- Associated Press - Monday, March 21, 2011

INDIANAPOLIS (AP) - At age 34, Brad Stevens has already coached in a national championship game, won four straight regular-season league titles, beaten Bob Knight and reached the NCAA tournament’s regional round in back-to-back years.

Most coaches would call that a pretty good career. People at Butler think it’s just the start.

“I remember him speaking one time at an event because the head coach couldn’t be there, and I remember telling his mom he’s going to make it big one day,” Butler women’s basketball coach Beth Couture said Monday. “He just had that aura about him.”

Stevens still has it, which helps explain why the Bulldogs are in position to reach the Final Four again.

They’ve already beaten Old Dominion on a buzzer-beating tip-in from Matt Howard and upset top-seeded Pittsburgh in one of the wackiest finishes in tourney history. Two more wins and Butler (25-9) can book that improbable ticket to Houston.

How has Stevens done all this with a program that’s not supposed to be competing with college basketball’s big boys?

His players say it’s his style.

“I can say there’s not too many coaches in the world who you can make jokes to or make jokes about or have shooting contests with,” guard Shelvin Mack said. “That helps you out later.”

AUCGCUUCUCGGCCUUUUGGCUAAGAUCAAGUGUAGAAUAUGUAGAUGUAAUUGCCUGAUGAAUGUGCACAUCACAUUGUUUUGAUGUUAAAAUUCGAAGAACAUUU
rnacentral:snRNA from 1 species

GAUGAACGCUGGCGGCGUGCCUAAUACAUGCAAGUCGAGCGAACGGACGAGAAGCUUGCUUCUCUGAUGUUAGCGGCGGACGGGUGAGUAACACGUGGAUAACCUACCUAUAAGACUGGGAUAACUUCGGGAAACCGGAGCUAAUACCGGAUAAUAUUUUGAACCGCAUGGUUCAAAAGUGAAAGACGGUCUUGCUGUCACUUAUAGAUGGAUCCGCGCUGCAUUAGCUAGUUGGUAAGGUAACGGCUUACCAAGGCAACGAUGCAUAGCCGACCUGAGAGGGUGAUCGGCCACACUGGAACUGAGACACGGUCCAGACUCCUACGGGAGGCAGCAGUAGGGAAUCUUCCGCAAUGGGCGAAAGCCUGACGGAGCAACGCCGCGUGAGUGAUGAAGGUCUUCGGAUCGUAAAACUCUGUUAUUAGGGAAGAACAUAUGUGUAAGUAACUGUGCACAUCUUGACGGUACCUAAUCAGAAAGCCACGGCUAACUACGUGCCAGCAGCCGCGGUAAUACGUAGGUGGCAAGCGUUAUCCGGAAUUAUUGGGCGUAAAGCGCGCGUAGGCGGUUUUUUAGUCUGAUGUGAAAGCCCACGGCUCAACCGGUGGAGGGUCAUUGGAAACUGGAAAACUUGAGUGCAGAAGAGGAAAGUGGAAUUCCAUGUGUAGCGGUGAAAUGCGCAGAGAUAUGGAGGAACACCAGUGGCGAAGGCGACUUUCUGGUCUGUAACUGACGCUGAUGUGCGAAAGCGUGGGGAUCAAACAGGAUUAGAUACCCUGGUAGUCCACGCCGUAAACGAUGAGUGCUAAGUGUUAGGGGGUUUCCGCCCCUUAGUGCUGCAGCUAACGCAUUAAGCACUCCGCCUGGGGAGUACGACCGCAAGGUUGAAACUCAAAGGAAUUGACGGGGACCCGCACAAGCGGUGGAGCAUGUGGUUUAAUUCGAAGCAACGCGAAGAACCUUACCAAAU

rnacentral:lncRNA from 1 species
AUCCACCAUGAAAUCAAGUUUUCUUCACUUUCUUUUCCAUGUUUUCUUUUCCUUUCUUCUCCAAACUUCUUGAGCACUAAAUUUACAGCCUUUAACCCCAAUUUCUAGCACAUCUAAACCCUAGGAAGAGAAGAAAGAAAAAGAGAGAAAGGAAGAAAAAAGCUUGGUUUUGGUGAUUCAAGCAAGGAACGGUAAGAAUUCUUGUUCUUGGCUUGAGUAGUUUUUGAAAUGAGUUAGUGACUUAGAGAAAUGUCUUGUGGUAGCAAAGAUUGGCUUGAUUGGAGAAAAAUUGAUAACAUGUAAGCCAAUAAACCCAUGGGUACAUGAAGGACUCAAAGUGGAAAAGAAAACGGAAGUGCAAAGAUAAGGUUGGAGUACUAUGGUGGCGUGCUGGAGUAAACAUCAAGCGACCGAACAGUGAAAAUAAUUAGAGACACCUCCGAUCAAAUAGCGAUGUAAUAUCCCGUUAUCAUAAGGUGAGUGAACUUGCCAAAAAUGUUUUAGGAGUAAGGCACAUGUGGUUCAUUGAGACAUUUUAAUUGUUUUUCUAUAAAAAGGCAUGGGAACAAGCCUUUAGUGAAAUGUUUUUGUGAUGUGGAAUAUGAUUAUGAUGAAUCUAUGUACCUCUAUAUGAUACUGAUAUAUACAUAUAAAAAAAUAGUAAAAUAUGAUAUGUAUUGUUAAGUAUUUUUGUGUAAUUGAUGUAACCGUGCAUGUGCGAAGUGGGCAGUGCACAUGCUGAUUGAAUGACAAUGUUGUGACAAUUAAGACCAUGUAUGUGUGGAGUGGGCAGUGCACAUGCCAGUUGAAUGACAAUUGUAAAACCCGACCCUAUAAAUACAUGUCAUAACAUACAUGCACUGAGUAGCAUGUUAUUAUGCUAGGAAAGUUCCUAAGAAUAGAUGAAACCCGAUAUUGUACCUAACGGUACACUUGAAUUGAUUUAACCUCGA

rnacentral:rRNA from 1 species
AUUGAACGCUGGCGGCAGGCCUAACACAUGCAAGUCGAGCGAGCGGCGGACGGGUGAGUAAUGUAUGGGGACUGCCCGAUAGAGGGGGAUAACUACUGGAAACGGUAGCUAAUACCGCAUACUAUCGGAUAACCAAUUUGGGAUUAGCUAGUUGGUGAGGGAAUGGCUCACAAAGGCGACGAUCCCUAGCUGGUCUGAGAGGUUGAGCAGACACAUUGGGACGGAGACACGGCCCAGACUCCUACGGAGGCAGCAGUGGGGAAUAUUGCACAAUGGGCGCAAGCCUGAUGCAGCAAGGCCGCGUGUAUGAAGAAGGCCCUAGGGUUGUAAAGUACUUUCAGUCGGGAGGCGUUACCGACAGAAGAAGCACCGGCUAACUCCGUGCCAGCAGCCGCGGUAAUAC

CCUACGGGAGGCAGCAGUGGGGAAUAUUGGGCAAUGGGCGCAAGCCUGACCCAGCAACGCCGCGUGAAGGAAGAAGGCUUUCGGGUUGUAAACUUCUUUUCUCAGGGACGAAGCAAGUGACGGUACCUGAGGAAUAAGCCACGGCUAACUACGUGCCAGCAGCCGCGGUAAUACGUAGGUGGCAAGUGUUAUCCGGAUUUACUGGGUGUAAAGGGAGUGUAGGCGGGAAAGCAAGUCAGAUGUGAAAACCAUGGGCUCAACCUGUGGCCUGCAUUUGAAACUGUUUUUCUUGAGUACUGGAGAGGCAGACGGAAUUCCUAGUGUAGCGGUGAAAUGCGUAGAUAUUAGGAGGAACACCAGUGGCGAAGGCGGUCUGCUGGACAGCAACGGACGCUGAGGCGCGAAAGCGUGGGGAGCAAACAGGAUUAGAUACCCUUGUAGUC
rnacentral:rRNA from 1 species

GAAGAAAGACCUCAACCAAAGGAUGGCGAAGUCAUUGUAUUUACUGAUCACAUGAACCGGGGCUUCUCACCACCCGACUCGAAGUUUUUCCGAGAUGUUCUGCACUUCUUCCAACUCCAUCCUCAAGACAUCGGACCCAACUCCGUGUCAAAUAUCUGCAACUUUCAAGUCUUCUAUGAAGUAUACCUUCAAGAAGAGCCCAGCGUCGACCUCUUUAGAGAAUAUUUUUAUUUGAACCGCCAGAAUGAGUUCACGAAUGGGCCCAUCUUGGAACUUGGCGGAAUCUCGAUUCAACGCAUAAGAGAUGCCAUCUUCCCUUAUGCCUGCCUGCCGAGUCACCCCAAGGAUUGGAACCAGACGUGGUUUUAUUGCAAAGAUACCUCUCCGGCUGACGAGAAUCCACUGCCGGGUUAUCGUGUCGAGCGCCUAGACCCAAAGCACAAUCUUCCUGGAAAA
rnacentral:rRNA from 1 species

Couture remembers Stevens taking time during last year’s Final Four week, the biggest of his career and one taking place near Butler’s campus, to ask her, a breast cancer survivor, to be his guest at the Coaches vs. Cancer dinner.

Players believe Stevens‘ cool demeanor inspires the confidence they need to excel in late-game situations _ like the two last week _ and school officials often cite their appreciation for the way Stevens represents the school in public.

Yet this baby-faced coach is mature enough to do all of those things and still not allow anything _ winning, losing, speculation about his next job _ to become a distraction to the rest of the team.

That’s why, four years ago, athletic director Barry Collier turned over one of the nation’s top mid-major programs to an untested 30-year-old.

“He’s got a high level of character, a high level of intelligence, a high motor and his energy is great,” said Collier, the former Butler coach who started the program’s revival in 1989. “But he is an incredibly good communicator, and that might be the most important thing.”

Stevens‘ players understand what Collier is talking about.

The day after accepting the Butler job, a sleepless Stevens jumped in his car, drove 50 miles to New Castle, Ind., and met with recruit Zach Hahn and his family. Then, it was off to Connersville, Ind., for a meeting with Howard and his family. In between, he made phone calls to out-of-state recruits like Shawn Vanzant, the team’s starting point guard.

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